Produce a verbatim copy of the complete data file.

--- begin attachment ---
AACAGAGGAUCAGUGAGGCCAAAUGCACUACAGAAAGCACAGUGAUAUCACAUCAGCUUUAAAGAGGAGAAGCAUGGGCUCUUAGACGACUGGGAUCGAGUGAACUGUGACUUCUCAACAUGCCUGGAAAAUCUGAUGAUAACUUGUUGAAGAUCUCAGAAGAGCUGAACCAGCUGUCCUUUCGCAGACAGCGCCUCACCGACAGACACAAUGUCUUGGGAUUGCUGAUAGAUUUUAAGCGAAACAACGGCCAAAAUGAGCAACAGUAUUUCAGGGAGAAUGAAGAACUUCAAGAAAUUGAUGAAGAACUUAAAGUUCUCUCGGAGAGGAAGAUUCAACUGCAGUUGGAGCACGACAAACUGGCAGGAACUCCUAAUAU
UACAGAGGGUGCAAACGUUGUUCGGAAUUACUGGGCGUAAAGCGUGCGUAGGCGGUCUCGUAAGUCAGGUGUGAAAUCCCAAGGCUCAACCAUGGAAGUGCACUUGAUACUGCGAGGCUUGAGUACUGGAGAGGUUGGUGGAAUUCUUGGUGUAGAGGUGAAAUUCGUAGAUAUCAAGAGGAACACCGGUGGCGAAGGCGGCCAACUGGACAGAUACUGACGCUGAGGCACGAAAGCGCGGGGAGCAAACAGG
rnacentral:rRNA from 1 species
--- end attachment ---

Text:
AACAGAGGAUCAGUGAGGCCAAAUGCACUACAGAAAGCACAGUGAUAUCACAUCAGCUUUAAAGAGGAGAAGCAUGGGCUCUUAGACGACUGGGAUCGAGUGAACUGUGACUUCUCAACAUGCCUGGAAAAUCUGAUGAUAACUUGUUGAAGAUCUCAGAAGAGCUGAACCAGCUGUCCUUUCGCAGACAGCGCCUCACCGACAGACACAAUGUCUUGGGAUUGCUGAUAGAUUUUAAGCGAAACAACGGCCAAAAUGAGCAACAGUAUUUCAGGGAGAAUGAAGAACUUCAAGAAAUUGAUGAAGAACUUAAAGUUCUCUCGGAGAGGAAGAUUCAACUGCAGUUGGAGCACGACAAACUGGCAGGAACUCCUAAUAU
UACAGAGGGUGCAAACGUUGUUCGGAAUUACUGGGCGUAAAGCGUGCGUAGGCGGUCUCGUAAGUCAGGUGUGAAAUCCCAAGGCUCAACCAUGGAAGUGCACUUGAUACUGCGAGGCUUGAGUACUGGAGAGGUUGGUGGAAUUCUUGGUGUAGAGGUGAAAUUCGUAGAUAUCAAGAGGAACACCGGUGGCGAAGGCGGCCAACUGGACAGAUACUGACGCUGAGGCACGAAAGCGCGGGGAGCAAACAGG
rnacentral:rRNA from 1 species